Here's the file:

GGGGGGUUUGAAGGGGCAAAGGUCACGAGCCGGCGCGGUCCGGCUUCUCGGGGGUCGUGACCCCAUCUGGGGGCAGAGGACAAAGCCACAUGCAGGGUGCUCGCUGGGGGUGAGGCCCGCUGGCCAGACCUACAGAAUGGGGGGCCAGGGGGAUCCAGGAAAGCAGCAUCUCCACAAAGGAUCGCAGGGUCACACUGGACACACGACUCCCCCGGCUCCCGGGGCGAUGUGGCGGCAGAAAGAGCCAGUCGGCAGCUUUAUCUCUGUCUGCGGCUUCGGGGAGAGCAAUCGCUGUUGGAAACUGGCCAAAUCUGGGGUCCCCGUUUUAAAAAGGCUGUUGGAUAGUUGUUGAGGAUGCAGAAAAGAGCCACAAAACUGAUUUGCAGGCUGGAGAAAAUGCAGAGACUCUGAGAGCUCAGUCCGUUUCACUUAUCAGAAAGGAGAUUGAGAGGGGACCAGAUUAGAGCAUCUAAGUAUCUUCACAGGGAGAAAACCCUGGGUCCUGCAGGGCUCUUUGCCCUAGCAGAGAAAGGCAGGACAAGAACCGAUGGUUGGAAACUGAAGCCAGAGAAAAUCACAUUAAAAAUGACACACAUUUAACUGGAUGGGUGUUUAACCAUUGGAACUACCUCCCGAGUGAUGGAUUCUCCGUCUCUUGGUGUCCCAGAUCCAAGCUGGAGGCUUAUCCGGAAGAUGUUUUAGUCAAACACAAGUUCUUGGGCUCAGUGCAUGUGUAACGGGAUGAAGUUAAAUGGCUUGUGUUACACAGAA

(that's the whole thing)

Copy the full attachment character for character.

GGGGGGUUUGAAGGGGCAAAGGUCACGAGCCGGCGCGGUCCGGCUUCUCGGGGGUCGUGACCCCAUCUGGGGGCAGAGGACAAAGCCACAUGCAGGGUGCUCGCUGGGGGUGAGGCCCGCUGGCCAGACCUACAGAAUGGGGGGCCAGGGGGAUCCAGGAAAGCAGCAUCUCCACAAAGGAUCGCAGGGUCACACUGGACACACGACUCCCCCGGCUCCCGGGGCGAUGUGGCGGCAGAAAGAGCCAGUCGGCAGCUUUAUCUCUGUCUGCGGCUUCGGGGAGAGCAAUCGCUGUUGGAAACUGGCCAAAUCUGGGGUCCCCGUUUUAAAAAGGCUGUUGGAUAGUUGUUGAGGAUGCAGAAAAGAGCCACAAAACUGAUUUGCAGGCUGGAGAAAAUGCAGAGACUCUGAGAGCUCAGUCCGUUUCACUUAUCAGAAAGGAGAUUGAGAGGGGACCAGAUUAGAGCAUCUAAGUAUCUUCACAGGGAGAAAACCCUGGGUCCUGCAGGGCUCUUUGCCCUAGCAGAGAAAGGCAGGACAAGAACCGAUGGUUGGAAACUGAAGCCAGAGAAAAUCACAUUAAAAAUGACACACAUUUAACUGGAUGGGUGUUUAACCAUUGGAACUACCUCCCGAGUGAUGGAUUCUCCGUCUCUUGGUGUCCCAGAUCCAAGCUGGAGGCUUAUCCGGAAGAUGUUUUAGUCAAACACAAGUUCUUGGGCUCAGUGCAUGUGUAACGGGAUGAAGUUAAAUGGCUUGUGUUACACAGAA